Oh yes, a note: all shading was done with actual colors, and no grayscale was used. Even the surface reflection uses very pale blue, yellow and red colors. White and black (and gray) flatten the image, so avoid them when possible.
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Emeraldddd Featured By Owner Apr 18, 2012  Student General Artist
This was very useful! Thank you <3
Raidell Featured By Owner Feb 1, 2011  Hobbyist General Artist
Great! This maes gems that seem complex a lot easier to shade!
Dark-Momento-Mori Featured By Owner Oct 13, 2010  Professional Digital Artist
Useful stuff!! Thank you! I was having a lot of trouble trying to figure it out on my own.
bleat31337 Featured By Owner Sep 4, 2010  Professional General Artist
this came in super duper handy

LinBird Featured By Owner Aug 29, 2010
this is vary helpful thank you!
Aeternitatis-Tristis Featured By Owner Jun 1, 2010  Hobbyist Digital Artist
oxo oow thanks for it!
DarkAngelOfSilence Featured By Owner Apr 20, 2010  Hobbyist Digital Artist
Love the tutorial! :meow:
Mizutori Featured By Owner Jan 2, 2010  Hobbyist Digital Artist
This is super useful! I'll fav it for future reference! :la: Thanks for making it!
KarenMcDade Featured By Owner Aug 21, 2009  Professional Interface Designer
Thank you! :)
sandeepsinghyadav Featured By Owner Mar 28, 2009  Professional Interface Designer
cool stuffffffffff....
Scarlet-floweret Featured By Owner Dec 18, 2008  Student
mmm.... thank's!!!
bruiserwoodz Featured By Owner Oct 24, 2008  Student Traditional Artist
Wow this helps me so much! I'm trying to do a victorian dress studded all over with jewels XD so thanks!
lionsilverwolf Featured By Owner May 30, 2007  Professional Digital Artist
Thanks for posting that, it helped me a lot with the jewels on my dragon, even though I just used the picture and I work in photoshop :XD:
Felfreak Featured By Owner Jan 18, 2007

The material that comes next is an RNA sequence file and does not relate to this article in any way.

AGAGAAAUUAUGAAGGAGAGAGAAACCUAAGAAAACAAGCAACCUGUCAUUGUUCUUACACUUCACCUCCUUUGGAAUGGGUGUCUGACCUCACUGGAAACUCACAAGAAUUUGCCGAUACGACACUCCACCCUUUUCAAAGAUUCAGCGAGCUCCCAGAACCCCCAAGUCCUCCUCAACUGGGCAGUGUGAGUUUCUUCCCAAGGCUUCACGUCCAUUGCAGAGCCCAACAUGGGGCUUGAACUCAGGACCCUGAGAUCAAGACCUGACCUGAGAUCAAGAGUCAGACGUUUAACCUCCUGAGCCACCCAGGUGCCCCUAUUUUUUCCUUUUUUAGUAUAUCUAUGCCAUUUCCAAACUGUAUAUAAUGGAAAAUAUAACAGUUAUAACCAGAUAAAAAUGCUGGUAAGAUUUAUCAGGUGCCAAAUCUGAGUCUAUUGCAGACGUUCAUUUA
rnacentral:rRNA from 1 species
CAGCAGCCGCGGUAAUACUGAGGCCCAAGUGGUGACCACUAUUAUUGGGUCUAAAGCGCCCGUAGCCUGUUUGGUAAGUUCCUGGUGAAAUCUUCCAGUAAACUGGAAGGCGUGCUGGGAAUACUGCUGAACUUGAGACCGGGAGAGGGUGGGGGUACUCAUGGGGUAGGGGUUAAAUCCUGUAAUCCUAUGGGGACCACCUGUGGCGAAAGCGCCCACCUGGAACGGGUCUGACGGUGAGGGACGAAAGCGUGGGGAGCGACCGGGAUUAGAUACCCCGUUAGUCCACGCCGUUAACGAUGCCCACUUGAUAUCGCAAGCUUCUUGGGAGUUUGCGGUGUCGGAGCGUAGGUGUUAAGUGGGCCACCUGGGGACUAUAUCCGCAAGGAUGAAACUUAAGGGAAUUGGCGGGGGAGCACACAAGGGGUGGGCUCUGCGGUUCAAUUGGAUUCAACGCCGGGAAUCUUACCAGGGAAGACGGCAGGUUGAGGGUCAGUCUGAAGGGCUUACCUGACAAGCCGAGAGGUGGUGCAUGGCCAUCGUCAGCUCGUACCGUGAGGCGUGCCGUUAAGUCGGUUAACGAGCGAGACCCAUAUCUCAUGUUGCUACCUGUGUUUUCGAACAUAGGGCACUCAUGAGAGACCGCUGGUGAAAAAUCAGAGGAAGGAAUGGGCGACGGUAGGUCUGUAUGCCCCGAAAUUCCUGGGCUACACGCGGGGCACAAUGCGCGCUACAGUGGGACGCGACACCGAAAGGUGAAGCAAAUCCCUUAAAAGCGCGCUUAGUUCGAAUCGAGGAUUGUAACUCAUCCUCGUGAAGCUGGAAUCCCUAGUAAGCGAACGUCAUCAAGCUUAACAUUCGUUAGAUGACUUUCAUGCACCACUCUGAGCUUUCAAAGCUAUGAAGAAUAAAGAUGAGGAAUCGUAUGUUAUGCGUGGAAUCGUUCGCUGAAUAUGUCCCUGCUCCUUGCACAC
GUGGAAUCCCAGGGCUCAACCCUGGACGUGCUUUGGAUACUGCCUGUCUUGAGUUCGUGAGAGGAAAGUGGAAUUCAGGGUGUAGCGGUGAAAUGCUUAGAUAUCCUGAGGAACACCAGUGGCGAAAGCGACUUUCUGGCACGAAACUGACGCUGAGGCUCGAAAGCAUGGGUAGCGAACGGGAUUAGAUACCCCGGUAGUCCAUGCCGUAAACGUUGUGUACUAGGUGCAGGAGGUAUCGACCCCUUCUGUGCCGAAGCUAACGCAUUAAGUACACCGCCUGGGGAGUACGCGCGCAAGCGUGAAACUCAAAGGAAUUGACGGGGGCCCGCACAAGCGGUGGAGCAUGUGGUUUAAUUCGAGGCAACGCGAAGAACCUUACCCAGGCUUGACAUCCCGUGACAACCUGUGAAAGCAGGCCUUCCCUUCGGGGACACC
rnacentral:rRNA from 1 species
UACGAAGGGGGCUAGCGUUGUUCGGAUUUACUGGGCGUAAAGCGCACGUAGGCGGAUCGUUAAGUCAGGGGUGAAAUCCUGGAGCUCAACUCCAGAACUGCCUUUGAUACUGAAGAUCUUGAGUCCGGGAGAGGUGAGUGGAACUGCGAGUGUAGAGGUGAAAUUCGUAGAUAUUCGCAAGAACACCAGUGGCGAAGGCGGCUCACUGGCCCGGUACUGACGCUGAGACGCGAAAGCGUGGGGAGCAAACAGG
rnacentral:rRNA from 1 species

Neat... but what if you need really tiny, really shiny little things? Like little bits of diamonds or glitter or something?
liiga Featured By Owner Jan 18, 2007
For tiny, TINY thingies, usually two highlights do the trick - one for where the light hits the surface, and one where it reflects from inside the diamond. They can vary in color/brightness to imitate density and/or color. Or if they're really, REALLY, tiny, just some scribbles with little bright dots.
Sirielle Featured By Owner Jan 15, 2007   Digital Artist
Thank you for tutorial!
liiga Featured By Owner Jan 15, 2007
Anytime! ^^
Sirielle Featured By Owner Jan 15, 2007   Digital Artist
Thank you for tutorial!
Lilabelle Featured By Owner Dec 18, 2006   Digital Artist
Now this is helpful! I like it when artists make tutorials for even the smallest things, like colouring jewels. It help for all the tiny details that are sometimes so difficult. Nice and clear pictures that say a thousand words, even though the tehnique's written out underneath! Faving!
moonstruckdragonlass Featured By Owner Feb 12, 2006
wow- Thanx! i've been looking for a good gem tutorial ever since i lost the last good gem tutorial i had... the picture alone is WORLDS of help, as i intend to try this using photoshop. *nods* thanx again!!! :D
SolidAhmed Featured By Owner Jul 14, 2005
nice :)
jimzip Featured By Owner Sep 2, 2004  Professional Digital Artist
I love all these tutorials, thank you very much for putting the time and effort in to them!
This one is expecially useful, I just wish I could apply it to my 3D stuff... :confused:

Jimzip :D
Lanielle Featured By Owner Aug 29, 2004
Thanks for great tutorial!
Pyrra Featured By Owner Aug 28, 2004  Professional Writer
Thanks... I've tried to paint a jewel once, maybe... but this explains what I did wrong.
rykos Featured By Owner Aug 28, 2004  Hobbyist General Artist
Excellent tutorial, just like the others. Very detailed and efficient.

You're inspiring me -- to make some PI tutorials. =P Hmm.. I think I'll post the sword I made with the path-tool later too. :)
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Submitted on
August 28, 2004